112. Raven JA, Waite AM (2004) The evolution of silicification in diatoms: inescapable sinking and sinking as escape? New Phytol 162:45–61Google Scholar
  113. Reith M, Munholland J (1993) A high-resolution gene map of the chloroplast genome of the red alga Porphyra purpurea. Plant Cell 5:465–475PubMedCentralPubMedGoogle Scholar
  114. Rivera MC, Lake JA (2004) The ring of life provides evidence for a genome fusion origin of eukaryotes. Nature 431:152–155PubMedGoogle Scholar
  115. Rumpho ME, Summer EJ, Manhart JR (2000) Solar-powered sea slugs. Mollusc/algal chloroplast symbiosis. Plant Physiol 123:29–38PubMedCentralPubMedGoogle Scholar
  116. Rumpho ME, Worful JM, Lee J, Kannan K, Tyler MS, Bhattacharya D, Moustafa A, Manhart JR (2008) Horizontal gene transfer of the algal nuclear gene psbO to the photosynthetic sea slug Elysia chlorotica. Proc Natl Acad Sci U S A 105(46):17867–17871PubMedCentralPubMedGoogle Scholar
  117. Santini S, Jeudy S, Bartoli J, Poirot O, Lescot M, Abergel C, Barbe V, Wommack KE, Noordeloos AAM, Brussaard CPD, Claverie JM (2013) The genome of Phaeocystis globosa virus PgV-16T highlights the common ancestry of the largest known DNA viruses infecting eukaryotes. Proc Natl Acad Sci U S A 110(26):10800–10805Google Scholar
  118. Schulz HN, Brinkhoff T, Ferdelman TG, Hernández Mariné M, Teske A, Jørgensen BB (1999) Dense populations of a giant sulfur bacterium in Namibian shelf sediments. Science 284:493–495PubMedGoogle Scholar
  119. Selga T, Selga M, Gobiņš V, Ozoliņa A (2010) Plastid-nuclear complexes: permanent structures in photosynthesizing tissues of vascular plants. Environ Exp Biol 8:85–92Google Scholar
  120. Smith M, Hansen J (2007) Interaction between Mesodinium rubrum and its prey: importance of prey concentration, irradiance and pH. Mar Ecol Prog Ser 338:61–70Google Scholar
  121. Stacey G, Bottomley PJ, Van Baalen C, Tabita FR (1979) Control of heterocyst and nitrogenase synthesis in cyanobacteria. J Bacteriol 137:321–326PubMedCentralPubMedGoogle Scholar
  122. Stanier RY (1974) Division I, the Cyanobacteria. In: Buchanan RE, et Gibbons NE (eds) Bergey’s manual of determinative bacteriology. Williams & Wilkins Co, BaltimoreGoogle Scholar
  123. Stiller JW, Reel DC, Johnson JC (2003) A single origin of plastids revisited : convergent evolution in organellar genome content. J Phycol 39:95–105Google Scholar
  124. Turner S, Pryer KM, Miao VP, Palmer JD (1999) Investigating deep phylogenetic relationships among cyanobacteria and plastids by small subunit rRNA sequence analysis. J Eukaryot Microbiol 46:327–338PubMedGoogle Scholar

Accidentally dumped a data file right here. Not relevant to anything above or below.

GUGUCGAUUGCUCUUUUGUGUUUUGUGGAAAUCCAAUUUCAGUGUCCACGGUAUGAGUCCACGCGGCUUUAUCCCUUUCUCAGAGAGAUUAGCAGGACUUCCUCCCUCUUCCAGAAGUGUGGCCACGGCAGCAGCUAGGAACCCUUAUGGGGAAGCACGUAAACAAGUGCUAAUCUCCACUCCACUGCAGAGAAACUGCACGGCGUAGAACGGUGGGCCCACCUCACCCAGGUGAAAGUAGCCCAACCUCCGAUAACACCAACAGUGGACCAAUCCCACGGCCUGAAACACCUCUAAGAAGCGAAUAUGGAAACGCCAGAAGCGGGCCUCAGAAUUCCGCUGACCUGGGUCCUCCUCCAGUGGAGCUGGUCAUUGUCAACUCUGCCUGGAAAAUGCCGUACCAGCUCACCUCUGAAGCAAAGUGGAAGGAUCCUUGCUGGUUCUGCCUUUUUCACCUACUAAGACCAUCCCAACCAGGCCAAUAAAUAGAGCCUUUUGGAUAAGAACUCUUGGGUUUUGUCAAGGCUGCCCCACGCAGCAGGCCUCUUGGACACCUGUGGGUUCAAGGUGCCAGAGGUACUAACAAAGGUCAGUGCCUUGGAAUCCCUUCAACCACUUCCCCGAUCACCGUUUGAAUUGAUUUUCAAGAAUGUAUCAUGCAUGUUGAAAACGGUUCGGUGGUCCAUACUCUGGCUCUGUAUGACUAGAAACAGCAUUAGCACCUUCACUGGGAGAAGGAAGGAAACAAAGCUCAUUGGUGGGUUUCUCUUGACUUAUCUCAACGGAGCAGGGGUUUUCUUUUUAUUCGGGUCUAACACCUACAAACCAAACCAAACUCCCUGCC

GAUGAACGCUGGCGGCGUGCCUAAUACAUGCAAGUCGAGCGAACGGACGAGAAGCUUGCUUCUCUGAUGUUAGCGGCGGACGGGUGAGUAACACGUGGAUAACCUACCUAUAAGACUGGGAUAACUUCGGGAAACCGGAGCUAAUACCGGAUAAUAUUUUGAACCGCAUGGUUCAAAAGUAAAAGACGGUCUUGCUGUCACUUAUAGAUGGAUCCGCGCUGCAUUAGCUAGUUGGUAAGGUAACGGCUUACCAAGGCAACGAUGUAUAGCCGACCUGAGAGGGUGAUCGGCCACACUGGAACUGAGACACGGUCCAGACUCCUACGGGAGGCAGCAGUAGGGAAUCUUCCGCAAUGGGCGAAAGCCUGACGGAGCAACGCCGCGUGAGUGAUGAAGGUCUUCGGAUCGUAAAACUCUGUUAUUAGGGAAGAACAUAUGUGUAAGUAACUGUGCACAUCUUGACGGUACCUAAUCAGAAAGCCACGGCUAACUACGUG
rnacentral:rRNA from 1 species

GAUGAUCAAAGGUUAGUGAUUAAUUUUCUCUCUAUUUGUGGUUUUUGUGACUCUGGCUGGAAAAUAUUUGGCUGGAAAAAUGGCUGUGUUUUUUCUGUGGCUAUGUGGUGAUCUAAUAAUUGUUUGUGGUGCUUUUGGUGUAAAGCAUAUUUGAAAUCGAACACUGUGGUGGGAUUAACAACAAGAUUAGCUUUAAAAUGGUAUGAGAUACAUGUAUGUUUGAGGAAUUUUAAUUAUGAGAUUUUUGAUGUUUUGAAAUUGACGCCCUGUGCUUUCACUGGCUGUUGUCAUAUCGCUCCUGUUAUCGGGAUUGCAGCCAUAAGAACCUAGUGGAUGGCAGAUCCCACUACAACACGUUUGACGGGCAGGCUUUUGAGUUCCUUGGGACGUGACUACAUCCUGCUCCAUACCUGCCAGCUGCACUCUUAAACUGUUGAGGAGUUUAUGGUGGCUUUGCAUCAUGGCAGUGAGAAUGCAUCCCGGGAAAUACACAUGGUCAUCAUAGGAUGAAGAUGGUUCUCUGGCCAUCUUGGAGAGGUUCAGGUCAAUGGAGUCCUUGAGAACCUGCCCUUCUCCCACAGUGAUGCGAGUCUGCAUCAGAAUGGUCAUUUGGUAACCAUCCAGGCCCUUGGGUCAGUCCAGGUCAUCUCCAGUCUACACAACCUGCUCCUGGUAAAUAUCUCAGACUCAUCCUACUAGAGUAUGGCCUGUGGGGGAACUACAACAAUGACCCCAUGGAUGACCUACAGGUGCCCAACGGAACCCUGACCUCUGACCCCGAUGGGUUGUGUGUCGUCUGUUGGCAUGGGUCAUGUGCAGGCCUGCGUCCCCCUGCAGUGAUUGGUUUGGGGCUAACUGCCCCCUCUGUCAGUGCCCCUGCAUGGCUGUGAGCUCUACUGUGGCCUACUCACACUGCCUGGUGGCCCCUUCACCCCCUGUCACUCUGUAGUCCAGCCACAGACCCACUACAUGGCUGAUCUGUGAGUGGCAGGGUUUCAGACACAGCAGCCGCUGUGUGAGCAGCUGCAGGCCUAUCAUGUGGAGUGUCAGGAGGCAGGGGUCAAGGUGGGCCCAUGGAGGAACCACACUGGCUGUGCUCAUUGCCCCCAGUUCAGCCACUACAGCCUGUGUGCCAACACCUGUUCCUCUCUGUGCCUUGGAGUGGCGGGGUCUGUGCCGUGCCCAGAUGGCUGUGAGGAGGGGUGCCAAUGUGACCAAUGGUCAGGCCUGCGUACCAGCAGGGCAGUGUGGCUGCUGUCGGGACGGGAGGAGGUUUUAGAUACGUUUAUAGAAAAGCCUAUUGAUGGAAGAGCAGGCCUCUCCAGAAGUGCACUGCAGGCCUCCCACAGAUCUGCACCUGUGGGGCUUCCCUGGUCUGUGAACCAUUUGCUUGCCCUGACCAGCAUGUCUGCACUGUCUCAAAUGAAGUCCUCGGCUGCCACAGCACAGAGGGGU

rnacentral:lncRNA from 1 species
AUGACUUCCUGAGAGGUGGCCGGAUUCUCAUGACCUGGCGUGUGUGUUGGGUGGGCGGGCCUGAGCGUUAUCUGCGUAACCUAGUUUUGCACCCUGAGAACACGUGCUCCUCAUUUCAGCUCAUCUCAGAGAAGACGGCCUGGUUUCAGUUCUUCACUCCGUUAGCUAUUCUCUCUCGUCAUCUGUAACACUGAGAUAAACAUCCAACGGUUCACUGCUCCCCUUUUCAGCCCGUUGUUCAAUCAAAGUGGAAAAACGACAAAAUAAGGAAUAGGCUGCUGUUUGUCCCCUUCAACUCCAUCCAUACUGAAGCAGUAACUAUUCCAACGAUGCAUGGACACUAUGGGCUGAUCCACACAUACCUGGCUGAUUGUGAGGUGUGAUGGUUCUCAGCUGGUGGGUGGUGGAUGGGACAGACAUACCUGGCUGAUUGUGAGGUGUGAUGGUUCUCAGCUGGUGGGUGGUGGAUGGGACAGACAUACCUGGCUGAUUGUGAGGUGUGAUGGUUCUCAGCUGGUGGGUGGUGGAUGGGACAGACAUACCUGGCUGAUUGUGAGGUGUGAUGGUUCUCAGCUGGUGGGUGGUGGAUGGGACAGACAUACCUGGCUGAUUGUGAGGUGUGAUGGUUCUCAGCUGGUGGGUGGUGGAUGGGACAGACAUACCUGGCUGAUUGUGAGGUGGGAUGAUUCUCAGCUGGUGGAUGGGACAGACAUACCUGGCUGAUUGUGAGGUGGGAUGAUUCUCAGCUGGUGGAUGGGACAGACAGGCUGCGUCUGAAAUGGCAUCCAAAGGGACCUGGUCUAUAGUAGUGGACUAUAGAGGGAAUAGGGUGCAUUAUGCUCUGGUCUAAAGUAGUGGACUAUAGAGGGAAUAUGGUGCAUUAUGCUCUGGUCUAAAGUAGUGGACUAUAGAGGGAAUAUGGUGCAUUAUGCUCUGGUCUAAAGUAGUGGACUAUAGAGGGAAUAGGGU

125. Tyler BM, Tripathy S, Zhang X, Dehal P, Jiang RHY, Aerts A, Arredondo FD, Baxter L, Bensasson D, Beynon JL et al (2006) Phytophthora genome sequences uncover evolutionary origins and mechanisms of pathogenesis. Science 313:1261–1266PubMedGoogle Scholar
  126. Vaulot D, Eikrem W, Viprey M, Moreau H (2008) The diversity of small eukaryotic phytoplankton (<or =3 micron) in marine Ecosystems. FEMS Microbiol Rev 32:795–820PubMedGoogle Scholar
  127. Waggoner B (2001) Eukaryotes and multicells: origin. In: Encyclopedia of life sciences. Macmillan Publishing Ltd, Basingstoke, pp 1–9Google Scholar
  128. Williams SI, Walker DI (1999) Mesoherbivore-macroalagal interactions: feeding ecology of sacoglossan sea slugs (Mollusca, Opisthobranchia) and their effects on their food algae. Oceanogr Mar Biol Annu Rev 37:87–128Google Scholar
  129. Woese C (1977) Endosymbionts and mitochondrial origins. J Mol Evol 10:39–96Google Scholar
  130. Woese CR, Olsen GJ (1986) Archaebacterial phylogeny: perspectives on the urkingdoms. Syst Appl Microbiol 7:161–177Google Scholar
  131. Worden AZ, Nolan JK, Palenik B (2004) Assessing the dynamics and ecology of marine picophytoplankton: the importance of the eukaryotic component. Limnol Oceanogr 49:168–179Google Scholar
  132. Yoosuf N et al (2012) Related giant viruses in distant locations and different habitats: Acanthamoeba polyphaga Moumouvirus represents a third lineage of the Mimiviridae that is close to the megavirus lineage. Gen Biol Evol 4:1324–1330Google Scholar
  133. Zuckerkandl E, Pauling L (1965) Evolutionary divergence and convergence in proteins. In: Bryson V, et Vogel HJ (eds) Evolving genes and proteins. Academic, New York, pp 97–166Google Scholar

Copyright information

© Springer Science+Business Media Dordrecht 2015

Authors and Affiliations

  • Charles-François Boudouresque
    • 1
  • Pierre Caumette
    • 2
  • Jean-Claude Bertrand
    • 1
  • Philippe Normand
    • 3
  • Télesphore Sime-Ngando
    • 4
  1. 1.Institut Méditerranéen d’Océanologie (MIO)UM 110, CNRS 7294 IRD 235, Université de Toulon, Aix-Marseille UniversitéMarseille Cedex 9France
  2. 2.Institut des Sciences Analytiques et de Physico-chimie pour l’Environnement et les Matériaux (IPREM)UMR CNRS 5254, Université de Pau et des Pays de l’AdourPau CedexFrance
  3. 3.Microbial Ecology CenterUMR CNRS 5557 / USC INRA 1364, Université Lyon 1VilleurbanneFrance
  4. 4.Laboratoire Microorganismes: Génome et Environnement (LMGE)UMR CNRS 6023, Université Blaise Pascal, Clermont UniversitéAubère CedexFrance

Personalised recommendations